An overview of dystocia from a theriogenologist

Downtown Charlotte, NC

Lacey Rosenberg, DVM, DACT, explains the many causes and best management practices of dystocia

In an interview with Lacey Rosenberg, DVM, DACT, an associate veterinarian for Veterinary Specialties at the Lake in Sherrills Ford, North Carolina, she explained what can cause dystocia, a birthing complication, and her expertise in managing this condition during the Fetch dvm360 conference in Charlotte, North Carolina.

Below is a partial transcript.

Lacey Rosenberg, DVM, DACT: Dystocia basically is difficult labor or difficulty giving labor in small animals. There's thousands of different causes, but most of the time, what we're gonna see is stuck puppies, uterine inertia—which is where the uterus just isn't contracting appropriately from the get go. Or what we call secondary uterine inertia, which is where a female has had a certain number of puppies and just gets exhausted. We can see metabolic problems that can cause dystocia, like hypocalcemia or hyperglycemia, pregnancy toxemia, lots of different things that can cause it.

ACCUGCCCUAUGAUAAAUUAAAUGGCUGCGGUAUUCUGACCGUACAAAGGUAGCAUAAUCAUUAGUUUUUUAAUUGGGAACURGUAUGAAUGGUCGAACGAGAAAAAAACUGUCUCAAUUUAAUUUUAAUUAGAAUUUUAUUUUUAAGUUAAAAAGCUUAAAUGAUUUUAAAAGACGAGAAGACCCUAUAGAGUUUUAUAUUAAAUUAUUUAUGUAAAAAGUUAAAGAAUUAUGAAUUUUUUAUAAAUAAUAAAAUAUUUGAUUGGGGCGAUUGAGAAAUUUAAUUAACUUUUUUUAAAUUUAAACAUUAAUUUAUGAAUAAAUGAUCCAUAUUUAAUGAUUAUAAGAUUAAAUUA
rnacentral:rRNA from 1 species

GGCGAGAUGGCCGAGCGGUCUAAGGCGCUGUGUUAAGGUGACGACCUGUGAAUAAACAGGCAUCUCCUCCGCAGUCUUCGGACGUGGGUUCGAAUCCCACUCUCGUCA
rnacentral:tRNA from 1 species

Managing dystocia [would start with] getting a really thorough history, confirming that the patient actually has a dystocia, and then usually, we have to be very cautious with medical management. So really making sure that it's an appropriate candidate for medical management [and] that we have a decent chance of success with medical management.

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